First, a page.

Then I went the couple of miles or so down Wheeler Road to pay My Missus a visit.
Yep. She's still there, holding my place for me:
And THEN I continued going south. . . .
And wound up HERE.
(Yep "SHE's" still there, too!)
Actually, I walked up to her from the beachfront parking lot at Robert Moses State Park. . . . It kinda GREW on me. . . .
Yep, still there, after weathering a few more storms since I left her in 2013. Along with her friends, the Lightkeeper's House and the Fresnel Lens Display Building:
My old "duty station" was the first place I stopped:
So I stopped by the Fresnel Lens building (the one with the curved roof), where I used to volunteer docent, explaining the intricacies of this State-Of-The-Art engineering wonder to visitors. I think I was a pretty decent docent:
The fella doing all the explaining today was Ross, who - he told me - joined the Lighthouse Preservation Society after I had left in 2013:
I took note of the new "wind-up handle" on the clock mechanism. I used to tell people it was missing and that we'd eventually get a replacement for it. It is one of the neatest things about the lens. . . . By winding it up, the Lightkeeper was pulling weights up the lighthouse tower, just like if it was a giant Grandfather's Clock that you'd pull the weights up on to make the clock turn. . . . only in a lighthouse, you are making the LENS turn.
After chatting with Ross and even assisting him in explaining some neat stuff about the Fresnel (like having visitors stand on opposite ends of the balcony and look thru the center part (the "bullseye") of the lens to see each other magnified like to a size 100% of their normal size, and upside down(!). . . . I Always got a kick out of doing that with kids there on Field Trips. Ross told me they still do that.
After my visit to Ross and "Blinky" I went to the Lightkeeper's House and met Bob and Peggy, the two folks still in charge there. I congrat-ed them both on having kept the place up so well - and even made a lot of improvements - since the time that Superstorm Sandy hit in 2013. Bob gave me a free pass to climb the tower, and told Karen in the Gift Shop to give me a free bumper-sticker too!
So here I go on my climb. . . .
I think that the base of the tower has walls that are about 8 feet thick. Here's the entrance:
ONLY 186 spiraling steps to climb!
But nice resting places with windows along the way every so often:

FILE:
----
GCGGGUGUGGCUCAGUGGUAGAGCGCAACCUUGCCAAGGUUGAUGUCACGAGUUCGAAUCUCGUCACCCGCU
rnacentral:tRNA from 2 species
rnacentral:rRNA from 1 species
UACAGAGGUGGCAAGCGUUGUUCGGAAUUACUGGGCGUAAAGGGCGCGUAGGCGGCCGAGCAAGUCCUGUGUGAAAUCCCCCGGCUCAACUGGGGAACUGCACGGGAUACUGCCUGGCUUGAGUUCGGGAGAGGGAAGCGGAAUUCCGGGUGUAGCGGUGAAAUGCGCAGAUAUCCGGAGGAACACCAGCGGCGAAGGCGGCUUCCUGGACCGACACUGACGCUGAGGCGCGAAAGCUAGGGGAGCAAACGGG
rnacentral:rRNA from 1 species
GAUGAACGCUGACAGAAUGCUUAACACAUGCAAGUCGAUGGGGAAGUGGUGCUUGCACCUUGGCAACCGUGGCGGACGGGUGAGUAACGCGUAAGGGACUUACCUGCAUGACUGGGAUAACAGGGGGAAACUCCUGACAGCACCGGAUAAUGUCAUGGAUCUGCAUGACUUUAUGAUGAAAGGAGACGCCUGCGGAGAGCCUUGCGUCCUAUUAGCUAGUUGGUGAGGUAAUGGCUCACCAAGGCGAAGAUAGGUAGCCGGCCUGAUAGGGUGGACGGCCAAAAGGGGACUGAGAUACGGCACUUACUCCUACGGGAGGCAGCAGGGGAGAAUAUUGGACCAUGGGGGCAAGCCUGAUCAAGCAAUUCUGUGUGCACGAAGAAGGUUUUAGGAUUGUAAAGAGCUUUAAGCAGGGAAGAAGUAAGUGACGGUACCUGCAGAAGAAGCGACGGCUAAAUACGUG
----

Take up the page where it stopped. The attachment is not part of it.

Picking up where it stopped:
Getting a little higher, up to the 3rd or 4th window, I could see our "employee parking" lot over by the National Park's Ranger Station:
Just under the light there's a small room that used to have a pot-belly stove. It was where the lightkeeper spent his nights when he was on duty. . .
The lightkeeper's wife and kids weren't allowed up to this "attic" very often, if at all. But - according to the placard in the museum downstairs - the kids had plenty of fun just because they lived at the beach year-round. Imagine that. . . . sorta like my Charlie and Teddy having the run of the park that they live in.
So here's the final ascent from the Watch Room. . . .
. . .to the beacon and the balcony surrounding it:
Pete, the guy on duty on the balcony took this one of me.
The view was pretty good. Sky was clear. This is looking west, towards NYC. You really can't see the city's skyline even on a clear day because it is over 50 miles away.
I spent some time up there talking with some of the other visitors and with Pete, and then came back down. Took this photo of the bay from ground-level just behind the tower:
Toodled on off back to the parking lot, but along the way found this unusual pine tree. Seemed to have a LOT more cones than any I'd ever seen before.
Again, here's that photo I took from the plane as I was coming in to JFK Airport on Monday.
The water tower (circled in red) in the photo is dead-ahead as taken from my car as I came across the bridge to Fire Island. . . .
But the lighthouse is the ORANGE oval-circled tower that's flashing in the aerial photo.
'Nuff for now. To be continued. . . .